The University of Bradford has established a reputation for work on imaging and visualisation in archaeology and anthropology through a number of high-profile projects. These capabilities are built around expertise in 3d imaging of bones, artefacts, archaeological sites, heritage structures and landscapes. We undertake research and commercial work with institutions that want to make their collections more widely accessible; as well as archaeologists and heritage bodies that are interested in digital documentation of bones, artefacts, standing buildings and archaeological sites.
3d capture – Laserarm & structured light scanners; RTI & photogrammetry
Data handling - Object movies; Digital reconstruction; CT- and Micro-CT data
Macro, Texture & Z-stack photography
High resolution microscopy & Surface metrology
Terrestrial laser scanning & photogrammetry
Geophysical prospection & Survey
Remote aerial imaging
AHRC Digital Transformations Programme Theme Large Grant awarded £1,979,850 – this major project led by Dr Andrew Wilson (with Dr Adrian Evans and Dr Nicholas Ashton) will be working with new transformative digital recording methods and computed analysis to revolutionize 'refit analysis' for landscape, site, and artefact studies, practices that are traditionally labour intensive.
Curious Travellers is a data-mining and crowd sourced infrastructure to help with digital documentation of archaeological sites, monuments and heritage at risk. It provides a priority response to sites that have been destroyed or are under immediate threat from neglect, cultural vandalism, conflict and natural disasters. The project will initially highlight threatened or damaged sites in North Africa, including Cyrene in Libya, as well as those in Syria and the Middle East, but is open to heritage at risk around the world.
Global warming at the end of the last Ice Age led to the inundation of vast landscapes that had once been home to thousands of people. These lost lands hold a unique and largely unexplored record of settlement and colonisation linked to climate change over millennia. Within the Europe's Lost Frontiers project, researchers in the fields of archaeo-geophysics, molecular biology and computer simulation will develop a new paradigm for the study of past environments, ecological change and the transition between hunter gathering societies and farming in the inundated land of the southern North Sea - Doggerland.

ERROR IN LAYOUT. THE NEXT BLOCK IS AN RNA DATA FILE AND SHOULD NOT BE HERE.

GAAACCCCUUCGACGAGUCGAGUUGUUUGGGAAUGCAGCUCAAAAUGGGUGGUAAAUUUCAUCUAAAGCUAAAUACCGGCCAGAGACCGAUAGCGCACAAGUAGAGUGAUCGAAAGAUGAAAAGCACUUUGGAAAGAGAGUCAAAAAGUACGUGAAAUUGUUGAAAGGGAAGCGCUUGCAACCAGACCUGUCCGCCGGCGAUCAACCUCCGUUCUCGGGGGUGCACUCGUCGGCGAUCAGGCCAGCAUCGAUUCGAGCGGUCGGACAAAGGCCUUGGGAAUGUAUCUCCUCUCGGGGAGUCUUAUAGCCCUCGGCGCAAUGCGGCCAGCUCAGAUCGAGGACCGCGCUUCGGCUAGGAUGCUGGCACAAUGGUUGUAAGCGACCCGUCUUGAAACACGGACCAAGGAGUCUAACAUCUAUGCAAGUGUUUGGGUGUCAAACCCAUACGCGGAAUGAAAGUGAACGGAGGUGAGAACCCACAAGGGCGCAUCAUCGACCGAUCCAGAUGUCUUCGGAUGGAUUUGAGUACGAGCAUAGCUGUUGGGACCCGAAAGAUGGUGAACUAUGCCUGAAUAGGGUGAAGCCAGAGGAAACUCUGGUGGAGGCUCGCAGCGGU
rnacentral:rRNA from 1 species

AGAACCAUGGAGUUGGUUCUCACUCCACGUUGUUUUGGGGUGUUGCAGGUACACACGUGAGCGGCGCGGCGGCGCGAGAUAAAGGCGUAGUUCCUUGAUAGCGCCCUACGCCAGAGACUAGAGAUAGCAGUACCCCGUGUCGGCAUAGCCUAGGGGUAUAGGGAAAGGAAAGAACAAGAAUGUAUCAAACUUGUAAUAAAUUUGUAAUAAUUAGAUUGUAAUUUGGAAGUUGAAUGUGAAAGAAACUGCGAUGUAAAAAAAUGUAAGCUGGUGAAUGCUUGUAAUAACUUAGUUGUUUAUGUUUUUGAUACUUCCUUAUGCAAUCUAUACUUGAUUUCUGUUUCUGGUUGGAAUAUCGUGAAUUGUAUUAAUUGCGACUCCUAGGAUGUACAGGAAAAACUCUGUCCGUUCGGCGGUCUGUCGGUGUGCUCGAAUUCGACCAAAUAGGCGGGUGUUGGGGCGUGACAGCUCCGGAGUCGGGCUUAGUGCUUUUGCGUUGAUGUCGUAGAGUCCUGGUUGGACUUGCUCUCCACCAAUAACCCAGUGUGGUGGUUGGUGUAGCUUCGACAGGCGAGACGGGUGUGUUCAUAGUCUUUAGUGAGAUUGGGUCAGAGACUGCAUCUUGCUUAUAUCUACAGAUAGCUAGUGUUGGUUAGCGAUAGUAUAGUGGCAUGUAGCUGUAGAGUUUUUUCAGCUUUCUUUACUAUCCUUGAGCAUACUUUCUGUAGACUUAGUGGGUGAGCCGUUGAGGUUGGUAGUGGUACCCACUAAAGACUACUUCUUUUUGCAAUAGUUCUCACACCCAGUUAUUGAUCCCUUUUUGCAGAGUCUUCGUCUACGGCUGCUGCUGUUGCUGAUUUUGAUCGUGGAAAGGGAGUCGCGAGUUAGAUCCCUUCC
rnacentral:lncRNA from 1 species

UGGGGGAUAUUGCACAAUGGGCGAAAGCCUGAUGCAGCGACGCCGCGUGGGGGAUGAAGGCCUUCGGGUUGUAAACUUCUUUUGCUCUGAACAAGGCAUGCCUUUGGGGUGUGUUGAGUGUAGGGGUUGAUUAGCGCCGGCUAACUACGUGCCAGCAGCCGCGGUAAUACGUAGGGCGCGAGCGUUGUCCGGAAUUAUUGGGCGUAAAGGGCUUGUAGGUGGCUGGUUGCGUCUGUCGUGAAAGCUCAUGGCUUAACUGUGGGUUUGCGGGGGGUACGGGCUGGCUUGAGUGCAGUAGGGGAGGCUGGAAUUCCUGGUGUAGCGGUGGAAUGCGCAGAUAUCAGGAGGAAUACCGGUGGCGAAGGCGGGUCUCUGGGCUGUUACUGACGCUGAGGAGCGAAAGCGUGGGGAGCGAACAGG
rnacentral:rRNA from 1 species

Jisc Rapid Digitisation Project awarded £93,199 – this project led by Dr Andrew Wilson (with Dr Jo Buckberry, Dr Chris Gaffney and Prof Hassan Ugail) served as a pilot study for Digitised Diseases and concentrated on the collection of leprosy skeletons from the Medieval leprosarium of St Mary and St James in Chichester, curated in Bradford.
Jisc Mass Digitisation Project awarded £937,458 – this project led by Dr Andrew Wilson (with Dr Jo Buckberry, Dr Chris Gaffney and Professor Hassan Ugail) has produced 3d photo-realistic digital models of diseased bone reflecting chronic pathological conditions that affect the skeleton. More than 1600 specimens were digitised in Bradford and with our project partners - The Royal College of Surgeons & Museum of London Archaeology - using 3d laser scanning, ct and radiography.
AHRC Science & Heritage Programme RDA awarded £97,512 – this project led by Dr Andrew Wilson (with Dr Sonia O’Connor, Rob Janaway and Professor Hassan Ugail) is creating a web-based resource of digitised raw materials and worked artefacts that will help with the identification of animal hard tissues (e.g. ivory, horn, baleen) of benefit to many including heritage professionals and in the fight against wildlife crime.